While we hope that Chris Roberts and team do deliver, what is interesting is the level of transparency that the team is committing to during the development process. Even if it’s part of an overall marketing effort to continually generate awareness, it still makes people feel a lot closer to being part of something that is being created, and not just anything, something they feel incredibly passionate about. This is in stark contrast to the approach many other product developments have which is typically “It’s done when it’s done.”. In fact, the development of Star Citizen is actively taking people on the journey of the development process itself, going through every step from storyboards to community engagement (can be seen in more detail http://www.robertsspaceindustries.com/category/comm-link/).

Has this same approach been taken by other crowd-sourcing projects?

Let’s take a look at a poster-child project “The Pebble” (http://www.kickstarter.com/projects/597507018/pebble-e-paper-watch-for-iphone-and-android/posts?page=1). If you take the time to read through the blog, you will notice the same level of transparency. The development team at Pebble had blog on Kickstarter as they went through the process, and one of their blogs made special attention to how communication was delivered to their backers, and what level of transparency would be delivered (the entry can be seen here http://www.kickstarter.com/projects/597507018/pebble-e-paper-watch-for-iphone-and-android/posts/221074).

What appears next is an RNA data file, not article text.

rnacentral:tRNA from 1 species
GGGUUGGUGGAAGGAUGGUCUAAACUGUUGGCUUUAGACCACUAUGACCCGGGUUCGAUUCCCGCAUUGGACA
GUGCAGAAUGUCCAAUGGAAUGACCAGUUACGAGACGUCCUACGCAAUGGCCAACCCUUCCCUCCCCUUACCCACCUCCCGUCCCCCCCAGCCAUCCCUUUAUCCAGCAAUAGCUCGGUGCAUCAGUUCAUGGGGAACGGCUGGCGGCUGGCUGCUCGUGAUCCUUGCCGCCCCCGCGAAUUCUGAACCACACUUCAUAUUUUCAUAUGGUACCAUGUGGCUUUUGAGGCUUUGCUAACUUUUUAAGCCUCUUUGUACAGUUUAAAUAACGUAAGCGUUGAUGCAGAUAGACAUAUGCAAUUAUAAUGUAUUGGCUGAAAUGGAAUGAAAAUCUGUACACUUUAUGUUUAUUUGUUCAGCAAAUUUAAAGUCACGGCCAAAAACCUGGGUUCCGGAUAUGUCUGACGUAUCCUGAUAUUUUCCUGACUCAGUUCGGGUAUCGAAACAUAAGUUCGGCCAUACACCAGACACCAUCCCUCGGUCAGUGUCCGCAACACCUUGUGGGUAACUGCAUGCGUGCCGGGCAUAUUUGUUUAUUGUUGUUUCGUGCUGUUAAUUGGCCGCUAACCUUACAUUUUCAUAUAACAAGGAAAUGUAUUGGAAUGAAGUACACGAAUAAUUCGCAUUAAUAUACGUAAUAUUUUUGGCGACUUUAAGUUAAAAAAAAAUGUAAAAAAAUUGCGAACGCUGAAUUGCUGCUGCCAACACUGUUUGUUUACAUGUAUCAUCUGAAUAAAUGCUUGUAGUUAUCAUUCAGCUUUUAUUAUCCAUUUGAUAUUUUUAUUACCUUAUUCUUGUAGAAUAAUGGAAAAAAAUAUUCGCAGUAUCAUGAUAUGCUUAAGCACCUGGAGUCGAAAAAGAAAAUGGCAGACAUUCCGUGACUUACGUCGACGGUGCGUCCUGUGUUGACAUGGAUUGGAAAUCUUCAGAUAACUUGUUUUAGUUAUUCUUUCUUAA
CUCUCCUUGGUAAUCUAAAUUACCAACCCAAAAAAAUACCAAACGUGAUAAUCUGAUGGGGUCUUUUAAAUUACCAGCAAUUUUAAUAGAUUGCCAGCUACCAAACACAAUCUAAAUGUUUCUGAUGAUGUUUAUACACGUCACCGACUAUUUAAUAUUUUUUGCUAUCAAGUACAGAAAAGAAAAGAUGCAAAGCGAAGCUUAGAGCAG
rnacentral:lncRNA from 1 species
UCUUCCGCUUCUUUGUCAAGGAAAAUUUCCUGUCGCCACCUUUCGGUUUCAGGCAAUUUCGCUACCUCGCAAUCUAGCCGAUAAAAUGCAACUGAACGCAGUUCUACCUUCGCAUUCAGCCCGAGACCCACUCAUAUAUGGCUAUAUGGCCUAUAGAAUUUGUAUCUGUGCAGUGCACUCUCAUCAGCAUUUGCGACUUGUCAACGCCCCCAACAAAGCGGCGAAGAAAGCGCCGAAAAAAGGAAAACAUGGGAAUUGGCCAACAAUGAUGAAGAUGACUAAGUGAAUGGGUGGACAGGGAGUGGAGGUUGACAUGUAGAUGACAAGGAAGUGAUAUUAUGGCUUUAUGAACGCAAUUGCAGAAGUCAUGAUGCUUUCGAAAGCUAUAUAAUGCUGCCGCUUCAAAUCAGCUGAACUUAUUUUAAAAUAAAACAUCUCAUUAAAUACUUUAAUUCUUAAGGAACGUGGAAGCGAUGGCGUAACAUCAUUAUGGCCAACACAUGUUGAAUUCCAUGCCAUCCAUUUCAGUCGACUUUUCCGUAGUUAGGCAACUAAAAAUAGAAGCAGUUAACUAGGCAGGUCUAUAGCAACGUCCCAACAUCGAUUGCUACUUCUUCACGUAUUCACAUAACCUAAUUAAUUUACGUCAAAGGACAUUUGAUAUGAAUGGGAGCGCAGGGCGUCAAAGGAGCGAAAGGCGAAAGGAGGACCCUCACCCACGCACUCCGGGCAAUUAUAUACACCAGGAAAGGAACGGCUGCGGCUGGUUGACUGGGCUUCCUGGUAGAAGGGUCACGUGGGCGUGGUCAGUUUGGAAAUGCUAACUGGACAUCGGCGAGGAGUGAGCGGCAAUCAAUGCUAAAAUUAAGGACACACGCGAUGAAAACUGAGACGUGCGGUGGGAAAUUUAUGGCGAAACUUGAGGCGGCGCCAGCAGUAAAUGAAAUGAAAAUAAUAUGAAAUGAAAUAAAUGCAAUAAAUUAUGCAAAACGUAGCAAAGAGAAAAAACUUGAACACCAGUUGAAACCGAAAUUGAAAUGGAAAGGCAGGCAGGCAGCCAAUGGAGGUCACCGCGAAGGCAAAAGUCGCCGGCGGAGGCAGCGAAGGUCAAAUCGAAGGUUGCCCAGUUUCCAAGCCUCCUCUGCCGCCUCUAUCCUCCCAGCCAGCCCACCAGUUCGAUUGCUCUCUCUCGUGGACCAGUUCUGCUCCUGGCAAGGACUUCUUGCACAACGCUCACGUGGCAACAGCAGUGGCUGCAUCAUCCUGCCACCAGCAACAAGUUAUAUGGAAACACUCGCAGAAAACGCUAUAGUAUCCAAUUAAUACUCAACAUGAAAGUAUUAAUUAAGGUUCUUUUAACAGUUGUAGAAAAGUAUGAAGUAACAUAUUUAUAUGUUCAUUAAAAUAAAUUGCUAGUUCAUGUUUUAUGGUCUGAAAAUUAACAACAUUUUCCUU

What about another one? The Ouya (http://www.kickstarter.com/projects/ouya/ouya-a-new-kind-of-video-game-console?ref=most-funded), the development of a games console, trying to penetrate a market which some would say is already tough enough with the likes of Nintendo, Sony and Microsoft. The development process which would be a closely guarded secret to ensure maximum impact when it launches, and yet, the process seemed extremely open, even down to specific hardware components (as posted in the blog here for the controller http://www.ouya.tv/its-all-about-control/#more-970).